Ranking College Basketball’s Dome Stadiums
Part of the beauty of college basketball is the fact that with 351 division one teams there are so many home courts, and each one is different from any other in the country. College basketball games have also been played in many different locations from hotel ballrooms, to NFL stadiums, to even the deck of an aircraft carrier. These locations are usually for special events or tournaments, but there are four programs that are unique in the fact that they play their home games in domes instead of arenas. These buildings are often cavernous and have temporary bleachers put up on sides of the court. As a result, this can create some unusual feelings and sightlines for visiting players who might only play one game a year or even in their entire career at these venues, and this gives an advantage to the teams who call these venues home.
Honorable Mention: The South Dakota Coyotes of the summit league used to call the DakotaDome home for their basketball program from 1979-2016. The venue was shared with football.
4) Cowen Spectrum University of Idaho Vandals – This venue seats 7,000 exactly for basketball. The first game was against longtime rival Washington State on Jan 21 1976 in front of Idaho Alumni Gus Johnson. As if having a dome is not enough of an advantage for the first 8 seasons the vandals played on smooth tartan rubber, that was poured directly onto the pavement floor. This hard unforgiving surface gave the vandals an extra advantage.
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3) Holt Arena Idaho State University Bengals – This is the oldest dome in college basketball having opened in 1970. It seats 8,000. Two out of the three college basketball home courts in the state are domes; the only one that is not is Taco Bell Arena home of the Boise State Broncos.
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2) Walkup Skydome Northern Arizona University Lumberjacks – Starting to sense a trend? This is the third Big Sky Arena on this list. The lumberjacks play all of their home games at the Walkup Skydome. The dome was named after former NAU president John Lawrence Walkup who raised the $8 million funds to finance the building by a number of unusual methods including raising a fourth of the money need from decades of vending machine revenue. This is the world’s largest clear span cedar dome. The lumberjacks play in the second highest elevation of a court in college basketball at 6,680 feet second only to Arena Auditorium in Laramie Wyoming at 7,220 feet. In 2011 the building underwent a renovation to the tune of 26 million dollars.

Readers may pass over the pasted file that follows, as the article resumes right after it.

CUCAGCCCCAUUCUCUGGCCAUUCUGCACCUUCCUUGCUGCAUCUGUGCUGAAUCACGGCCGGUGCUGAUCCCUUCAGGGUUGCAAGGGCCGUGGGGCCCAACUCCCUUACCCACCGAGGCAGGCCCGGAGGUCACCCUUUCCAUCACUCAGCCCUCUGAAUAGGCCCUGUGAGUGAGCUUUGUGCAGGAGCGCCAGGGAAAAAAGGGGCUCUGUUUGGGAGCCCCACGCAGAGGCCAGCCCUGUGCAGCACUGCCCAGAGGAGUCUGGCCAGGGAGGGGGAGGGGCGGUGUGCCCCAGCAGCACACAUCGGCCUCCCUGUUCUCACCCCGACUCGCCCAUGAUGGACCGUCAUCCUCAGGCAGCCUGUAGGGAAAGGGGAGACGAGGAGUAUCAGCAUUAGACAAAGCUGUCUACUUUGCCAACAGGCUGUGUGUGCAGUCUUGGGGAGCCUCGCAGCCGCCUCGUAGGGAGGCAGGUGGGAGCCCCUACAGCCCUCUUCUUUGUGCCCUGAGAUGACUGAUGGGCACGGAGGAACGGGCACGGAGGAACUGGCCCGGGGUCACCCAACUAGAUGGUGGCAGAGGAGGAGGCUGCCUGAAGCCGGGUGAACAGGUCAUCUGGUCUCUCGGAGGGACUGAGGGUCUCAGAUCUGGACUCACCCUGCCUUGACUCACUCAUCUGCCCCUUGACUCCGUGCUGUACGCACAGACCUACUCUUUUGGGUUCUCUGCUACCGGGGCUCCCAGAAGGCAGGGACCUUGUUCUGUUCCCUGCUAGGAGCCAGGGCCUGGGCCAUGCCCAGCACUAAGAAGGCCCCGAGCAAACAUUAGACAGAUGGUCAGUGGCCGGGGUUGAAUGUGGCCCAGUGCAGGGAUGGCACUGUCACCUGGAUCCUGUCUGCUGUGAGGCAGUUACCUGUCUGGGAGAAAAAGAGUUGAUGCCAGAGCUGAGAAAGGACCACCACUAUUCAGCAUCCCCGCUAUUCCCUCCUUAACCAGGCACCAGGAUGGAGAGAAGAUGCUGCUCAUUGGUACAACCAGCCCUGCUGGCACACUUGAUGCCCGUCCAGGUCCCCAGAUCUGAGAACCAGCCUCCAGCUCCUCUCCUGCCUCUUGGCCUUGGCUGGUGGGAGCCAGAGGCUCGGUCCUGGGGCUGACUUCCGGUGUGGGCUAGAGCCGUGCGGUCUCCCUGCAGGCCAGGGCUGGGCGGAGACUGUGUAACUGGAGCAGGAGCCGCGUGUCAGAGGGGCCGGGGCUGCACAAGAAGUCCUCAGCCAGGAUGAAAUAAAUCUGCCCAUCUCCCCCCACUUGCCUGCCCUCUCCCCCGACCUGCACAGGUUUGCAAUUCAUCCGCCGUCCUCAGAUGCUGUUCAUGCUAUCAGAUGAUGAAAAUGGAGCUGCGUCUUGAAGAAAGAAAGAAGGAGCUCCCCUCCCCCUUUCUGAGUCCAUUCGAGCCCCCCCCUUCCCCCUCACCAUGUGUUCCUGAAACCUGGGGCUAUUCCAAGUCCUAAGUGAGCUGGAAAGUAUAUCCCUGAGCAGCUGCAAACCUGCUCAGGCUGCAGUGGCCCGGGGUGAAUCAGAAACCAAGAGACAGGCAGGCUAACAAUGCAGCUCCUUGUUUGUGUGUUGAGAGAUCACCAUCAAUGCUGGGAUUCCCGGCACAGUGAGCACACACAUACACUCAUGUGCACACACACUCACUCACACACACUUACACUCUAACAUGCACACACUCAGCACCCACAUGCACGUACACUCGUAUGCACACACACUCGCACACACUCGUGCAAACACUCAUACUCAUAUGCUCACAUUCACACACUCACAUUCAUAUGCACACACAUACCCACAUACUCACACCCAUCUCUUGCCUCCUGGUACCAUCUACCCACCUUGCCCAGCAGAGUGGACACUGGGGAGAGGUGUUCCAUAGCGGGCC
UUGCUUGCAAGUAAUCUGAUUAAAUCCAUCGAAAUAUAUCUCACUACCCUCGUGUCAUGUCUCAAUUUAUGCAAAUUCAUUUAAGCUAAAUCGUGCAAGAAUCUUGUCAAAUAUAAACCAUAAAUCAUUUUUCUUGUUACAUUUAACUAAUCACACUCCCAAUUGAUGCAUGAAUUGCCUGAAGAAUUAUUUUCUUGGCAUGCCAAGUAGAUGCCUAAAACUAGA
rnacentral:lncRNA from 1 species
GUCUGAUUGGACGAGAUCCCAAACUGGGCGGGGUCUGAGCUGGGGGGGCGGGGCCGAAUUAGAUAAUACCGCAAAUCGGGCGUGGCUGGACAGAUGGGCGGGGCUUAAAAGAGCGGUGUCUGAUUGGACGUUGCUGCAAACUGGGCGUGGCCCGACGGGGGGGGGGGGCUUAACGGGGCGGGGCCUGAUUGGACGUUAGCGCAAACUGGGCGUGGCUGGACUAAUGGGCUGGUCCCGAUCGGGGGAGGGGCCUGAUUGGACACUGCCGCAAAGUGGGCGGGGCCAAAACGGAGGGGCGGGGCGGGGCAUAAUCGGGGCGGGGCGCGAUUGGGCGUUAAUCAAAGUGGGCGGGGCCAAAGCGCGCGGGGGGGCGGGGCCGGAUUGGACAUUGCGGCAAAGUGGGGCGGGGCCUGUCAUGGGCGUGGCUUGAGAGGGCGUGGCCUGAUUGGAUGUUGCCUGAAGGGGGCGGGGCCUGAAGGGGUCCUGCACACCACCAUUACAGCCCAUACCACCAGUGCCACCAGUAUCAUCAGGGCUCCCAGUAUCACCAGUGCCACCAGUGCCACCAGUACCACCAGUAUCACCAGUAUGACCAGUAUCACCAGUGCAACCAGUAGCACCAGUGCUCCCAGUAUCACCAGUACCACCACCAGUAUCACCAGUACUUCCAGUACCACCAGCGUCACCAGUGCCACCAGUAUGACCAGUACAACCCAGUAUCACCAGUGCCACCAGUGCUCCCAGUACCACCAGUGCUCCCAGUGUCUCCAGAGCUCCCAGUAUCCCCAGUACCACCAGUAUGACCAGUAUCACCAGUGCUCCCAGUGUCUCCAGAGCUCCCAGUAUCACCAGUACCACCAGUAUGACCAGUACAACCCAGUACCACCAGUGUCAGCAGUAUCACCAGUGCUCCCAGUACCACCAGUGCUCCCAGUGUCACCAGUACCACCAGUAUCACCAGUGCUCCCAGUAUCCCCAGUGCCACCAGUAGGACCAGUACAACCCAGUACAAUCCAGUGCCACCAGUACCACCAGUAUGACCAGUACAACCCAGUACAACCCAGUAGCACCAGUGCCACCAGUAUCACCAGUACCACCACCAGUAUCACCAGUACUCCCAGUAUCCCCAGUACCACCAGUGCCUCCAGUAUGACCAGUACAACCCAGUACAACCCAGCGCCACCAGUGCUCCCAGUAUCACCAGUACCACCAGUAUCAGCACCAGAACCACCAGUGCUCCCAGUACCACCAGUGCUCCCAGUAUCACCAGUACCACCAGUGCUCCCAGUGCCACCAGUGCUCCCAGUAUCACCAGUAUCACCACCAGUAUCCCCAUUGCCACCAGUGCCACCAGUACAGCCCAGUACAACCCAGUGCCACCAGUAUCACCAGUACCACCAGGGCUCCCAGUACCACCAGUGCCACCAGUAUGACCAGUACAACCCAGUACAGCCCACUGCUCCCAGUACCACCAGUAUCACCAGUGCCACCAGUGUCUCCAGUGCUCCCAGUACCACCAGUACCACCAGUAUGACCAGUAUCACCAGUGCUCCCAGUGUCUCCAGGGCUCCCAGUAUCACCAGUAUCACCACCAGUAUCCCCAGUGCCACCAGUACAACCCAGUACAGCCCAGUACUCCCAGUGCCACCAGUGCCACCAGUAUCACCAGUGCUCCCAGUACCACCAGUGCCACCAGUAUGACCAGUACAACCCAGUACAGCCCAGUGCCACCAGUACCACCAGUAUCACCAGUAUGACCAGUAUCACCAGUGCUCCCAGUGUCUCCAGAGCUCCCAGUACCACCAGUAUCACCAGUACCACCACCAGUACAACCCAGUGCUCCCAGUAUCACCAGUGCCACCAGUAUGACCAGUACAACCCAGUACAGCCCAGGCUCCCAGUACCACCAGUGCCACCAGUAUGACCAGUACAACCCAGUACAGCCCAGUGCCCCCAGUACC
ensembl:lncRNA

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Walter Pyramid Ling Beach State 49ers – Even though this structure is clearly not a dome it is still one of the most unusual home buildings in all of college basketball. The Walter Pyramid stands at 18 stories tall, and is exactly 345 feet on each side making it one of only three true pyramid structures in the United States (the other two being in Memphis and Las Vegas). This Big West venue seats 5,000. It was even featured on an ESPN broadcast as part of the #MyHomeCourt series. The unique home court has helped in getting good opponents to play the beach at home because in the past 5 years North Carolina, Creighton, BYU, and San Diego State have all made trips to the beach to play in the pyramid.
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1) Carrier Dome Syracuse University Orange – A list of college basketball domes would not be complete without including the carrier dome home of the Syracuse Orange. This building has hosted the NCAA Basketball Tournament East Regional semi-finals & finals seven times in 1983, 1997, 2000, 2002, 2005, 2010, and 2015. The carrier dome holds the record for the largest on campus attendance at a college basketball game a mark which was set on February 1st 2014 against Duke when 35,466 people attended the game. The previous record was also held by them. The dome also holds the record for largest crowd at an NIT game with a crowd of 26,752 at a second round matchup in 2007 against San Diego State. In the end when it comes to tradition and history no other building on this list can come close to what the carrier dome has.
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